Lost Trail Powder Mountain (FTO file photo: Flyover)

Montana’s Under-the-Radar Ski Areas

Red Lodge, MT – Naturally you’ve heard of Big Sky, and maybe even Whitefish … but how about Maverick Mountain or Teton Pass?

The fact is that in addition to its best-known ski mountain, Montana is home to 15 other lift-served ski areas both large and small. Trading ritzy, high-speed quads for rootsy, downhome vibes, the state’s independent mom-and-pop mountains offer up deep days on the cheap, with a side of real local culture. At five of these ski areas described below, the adventurous traveler can still find front row parking, untracked pow and an average of 20 acres per skier or rider. Linked together in a ski safari road trip, here are some of Montana’s best-kept secrets.

(photo: Red Lodge Mountain)
(photo: Red Lodge Mountain)

1. RED LODGE MOUNTAIN
Situated along the eastern front of the Beartooth Mountain Range, this independently owned mountain setting rivals mainstream resorts, but its skiing reminds visitors why they fell in love with the sport in the first place. Every March, the sleepy mining town comes alive during the National Ski Joring Finals when horses tow cowboys and cowgirls on skis over jumps at a full gallop.
www.redlodgemountain.com

The Ridge (file photo: Bridger Bowl)
The Ridge (file photo: Bridger Bowl)

2. BRIDGER BOWL
Bridger is one of the few remaining community-owned ski areas in the country, existing simply for those who want to shred. While beginner and intermediate slopes dominate the lower mountain, Bridger’s hike-to terrain along the famed Ridge is where skiing stars like Scot Schmidt got their start. Rehash your on- or off-piste adventures alongside silver-haired locals and college-aged ski bums at the Grizz, a Bridger mainstay.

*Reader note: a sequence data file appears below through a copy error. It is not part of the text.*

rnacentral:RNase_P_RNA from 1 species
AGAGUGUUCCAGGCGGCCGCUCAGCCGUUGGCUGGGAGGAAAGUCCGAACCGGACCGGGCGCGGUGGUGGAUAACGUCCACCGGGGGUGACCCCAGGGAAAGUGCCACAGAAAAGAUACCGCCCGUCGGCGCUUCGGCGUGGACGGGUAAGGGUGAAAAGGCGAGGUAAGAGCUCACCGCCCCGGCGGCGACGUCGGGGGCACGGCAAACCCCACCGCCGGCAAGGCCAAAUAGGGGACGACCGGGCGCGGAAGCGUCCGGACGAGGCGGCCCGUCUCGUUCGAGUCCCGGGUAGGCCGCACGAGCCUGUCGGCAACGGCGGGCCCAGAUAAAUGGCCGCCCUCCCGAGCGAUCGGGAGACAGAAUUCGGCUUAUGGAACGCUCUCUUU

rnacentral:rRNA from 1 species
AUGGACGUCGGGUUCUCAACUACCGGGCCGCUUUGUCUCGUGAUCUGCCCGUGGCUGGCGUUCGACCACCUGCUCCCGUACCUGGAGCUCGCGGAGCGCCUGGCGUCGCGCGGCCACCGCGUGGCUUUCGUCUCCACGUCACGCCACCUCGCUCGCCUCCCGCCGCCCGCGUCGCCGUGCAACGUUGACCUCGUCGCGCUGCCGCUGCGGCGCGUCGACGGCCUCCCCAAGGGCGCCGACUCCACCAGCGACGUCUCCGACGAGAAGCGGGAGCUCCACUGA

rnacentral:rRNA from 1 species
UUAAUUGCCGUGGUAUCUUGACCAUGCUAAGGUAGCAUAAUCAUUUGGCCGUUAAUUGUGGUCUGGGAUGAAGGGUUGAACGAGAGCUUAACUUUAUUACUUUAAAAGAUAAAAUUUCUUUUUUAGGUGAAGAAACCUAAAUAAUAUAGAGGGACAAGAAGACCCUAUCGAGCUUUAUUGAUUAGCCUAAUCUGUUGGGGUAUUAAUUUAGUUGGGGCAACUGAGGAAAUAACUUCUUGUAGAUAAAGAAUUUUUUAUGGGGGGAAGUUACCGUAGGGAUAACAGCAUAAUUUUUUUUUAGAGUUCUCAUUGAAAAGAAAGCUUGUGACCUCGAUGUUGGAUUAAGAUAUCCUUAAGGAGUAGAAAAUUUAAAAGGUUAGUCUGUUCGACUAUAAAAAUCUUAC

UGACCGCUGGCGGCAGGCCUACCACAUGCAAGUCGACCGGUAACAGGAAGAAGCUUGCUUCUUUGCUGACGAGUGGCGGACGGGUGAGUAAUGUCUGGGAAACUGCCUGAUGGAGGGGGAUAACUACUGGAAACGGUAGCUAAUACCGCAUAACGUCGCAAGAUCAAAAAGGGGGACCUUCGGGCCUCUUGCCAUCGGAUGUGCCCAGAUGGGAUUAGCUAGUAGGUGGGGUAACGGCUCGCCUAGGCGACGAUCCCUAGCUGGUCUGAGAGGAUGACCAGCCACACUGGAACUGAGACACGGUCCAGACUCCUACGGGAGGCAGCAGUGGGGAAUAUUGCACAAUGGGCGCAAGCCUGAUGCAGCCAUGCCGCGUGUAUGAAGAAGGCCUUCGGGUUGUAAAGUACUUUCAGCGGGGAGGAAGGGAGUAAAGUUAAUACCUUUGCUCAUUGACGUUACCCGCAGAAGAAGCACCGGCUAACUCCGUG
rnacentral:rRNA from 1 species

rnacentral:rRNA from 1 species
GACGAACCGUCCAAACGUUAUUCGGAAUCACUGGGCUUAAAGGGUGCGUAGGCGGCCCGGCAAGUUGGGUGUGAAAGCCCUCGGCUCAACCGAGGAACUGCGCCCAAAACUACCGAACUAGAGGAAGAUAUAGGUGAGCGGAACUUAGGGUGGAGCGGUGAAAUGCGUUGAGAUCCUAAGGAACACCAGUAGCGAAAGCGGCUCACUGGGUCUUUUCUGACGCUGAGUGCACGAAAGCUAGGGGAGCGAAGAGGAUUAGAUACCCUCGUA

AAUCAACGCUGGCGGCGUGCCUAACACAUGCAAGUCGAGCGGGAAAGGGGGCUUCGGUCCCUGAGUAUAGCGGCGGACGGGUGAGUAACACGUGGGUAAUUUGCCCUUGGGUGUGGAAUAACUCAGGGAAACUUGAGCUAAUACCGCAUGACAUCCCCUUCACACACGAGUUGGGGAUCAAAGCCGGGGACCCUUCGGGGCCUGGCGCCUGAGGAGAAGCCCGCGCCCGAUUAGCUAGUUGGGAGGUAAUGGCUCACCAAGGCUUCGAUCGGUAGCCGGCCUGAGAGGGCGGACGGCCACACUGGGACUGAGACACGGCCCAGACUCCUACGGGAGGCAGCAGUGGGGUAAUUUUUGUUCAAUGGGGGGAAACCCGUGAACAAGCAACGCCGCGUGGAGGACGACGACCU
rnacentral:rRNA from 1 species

www.bridgerbowl.com

Discovery Basin has the steeps without the crowds. (FTO file photo: Tony Crocker)
Discovery Basin has the steeps without the crowds. (FTO file photo: Tony Crocker)

3. DISCOVERY BASIN SKI AREA
“Disco,” as the locals call it, packs a punch. Front side slopes feature family friendly cruisers and stunning views of the Pintler Mountains. If you’re jonesing for steep chutes and untouched snow the mountain’s backside offers up heart-pumping vertical without the attitude. After filling your powder quota on the north-facing Bad Finger, try out the trail’s namesake beer at nearby Philipsburg Brewing Company.
www.skidiscovery.com

(file photo: Maverick Mountain)
(file photo: Maverick Mountain)

4. MAVERICK MOUNTAIN
Maverick, as its name implies, is just that — an eccentric little ski area just off the beaten path. One of Montana’s hidden gems, this mom-and-pop mountain is home to one chairlift and 2,000 feet of uncrowded vert. After a day of top-to-bottom runs, stop by the nearby Jackson or Elkhorn Hot Springs. These restorative waters will rejuvenate riders, prepping them for the last stop on this powder-filled tour.
www.skimaverick.com

Lost Trail Powder Mountain (FTO file photo: Flyover)
Lost Trail Powder Mountain (FTO file photo: Flyover)

5. LOST TRAIL POWDER MOUNTAIN
Savvy locals take advantage of Lost Trail’s “Powder Thursdays,” when the lifts start turning again after a midweek closure. Tucked away at the far end of the Bitterroot Valley, Lost Trail offers all the stoke without the rat race, and skiers are more likely to figure eight their own tracks than fight for freshies. At the end of the day, put your feet up and relax in front of the lodge’s cozy fireplace.
www.losttrail.com

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